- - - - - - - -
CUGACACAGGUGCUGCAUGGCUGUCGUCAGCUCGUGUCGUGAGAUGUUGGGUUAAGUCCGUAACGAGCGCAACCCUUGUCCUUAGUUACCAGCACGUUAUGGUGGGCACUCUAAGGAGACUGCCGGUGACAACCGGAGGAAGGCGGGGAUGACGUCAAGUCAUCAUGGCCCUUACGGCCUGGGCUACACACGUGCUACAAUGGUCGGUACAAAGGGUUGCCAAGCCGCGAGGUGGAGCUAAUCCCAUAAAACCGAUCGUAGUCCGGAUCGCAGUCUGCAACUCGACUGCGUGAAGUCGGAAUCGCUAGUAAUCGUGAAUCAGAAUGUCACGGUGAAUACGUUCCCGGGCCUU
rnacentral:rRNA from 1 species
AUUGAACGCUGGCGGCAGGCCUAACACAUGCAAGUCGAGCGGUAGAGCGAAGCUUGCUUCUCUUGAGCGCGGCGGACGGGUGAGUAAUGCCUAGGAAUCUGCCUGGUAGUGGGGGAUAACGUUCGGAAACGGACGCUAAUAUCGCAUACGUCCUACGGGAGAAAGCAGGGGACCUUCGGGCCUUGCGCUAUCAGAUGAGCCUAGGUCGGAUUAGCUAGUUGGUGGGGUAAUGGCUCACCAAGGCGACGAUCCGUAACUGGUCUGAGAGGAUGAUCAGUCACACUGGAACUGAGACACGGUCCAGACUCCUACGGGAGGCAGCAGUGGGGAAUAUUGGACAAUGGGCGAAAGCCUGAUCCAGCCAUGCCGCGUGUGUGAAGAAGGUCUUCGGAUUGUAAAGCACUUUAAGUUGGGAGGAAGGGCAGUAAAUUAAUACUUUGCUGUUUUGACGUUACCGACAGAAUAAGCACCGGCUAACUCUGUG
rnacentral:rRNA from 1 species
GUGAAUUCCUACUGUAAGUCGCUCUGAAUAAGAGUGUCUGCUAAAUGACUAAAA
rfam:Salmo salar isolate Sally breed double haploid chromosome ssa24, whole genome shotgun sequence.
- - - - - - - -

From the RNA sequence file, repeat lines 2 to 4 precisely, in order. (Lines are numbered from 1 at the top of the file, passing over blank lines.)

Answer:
rnacentral:rRNA from 1 species
AUUGAACGCUGGCGGCAGGCCUAACACAUGCAAGUCGAGCGGUAGAGCGAAGCUUGCUUCUCUUGAGCGCGGCGGACGGGUGAGUAAUGCCUAGGAAUCUGCCUGGUAGUGGGGGAUAACGUUCGGAAACGGACGCUAAUAUCGCAUACGUCCUACGGGAGAAAGCAGGGGACCUUCGGGCCUUGCGCUAUCAGAUGAGCCUAGGUCGGAUUAGCUAGUUGGUGGGGUAAUGGCUCACCAAGGCGACGAUCCGUAACUGGUCUGAGAGGAUGAUCAGUCACACUGGAACUGAGACACGGUCCAGACUCCUACGGGAGGCAGCAGUGGGGAAUAUUGGACAAUGGGCGAAAGCCUGAUCCAGCCAUGCCGCGUGUGUGAAGAAGGUCUUCGGAUUGUAAAGCACUUUAAGUUGGGAGGAAGGGCAGUAAAUUAAUACUUUGCUGUUUUGACGUUACCGACAGAAUAAGCACCGGCUAACUCUGUG
rnacentral:rRNA from 1 species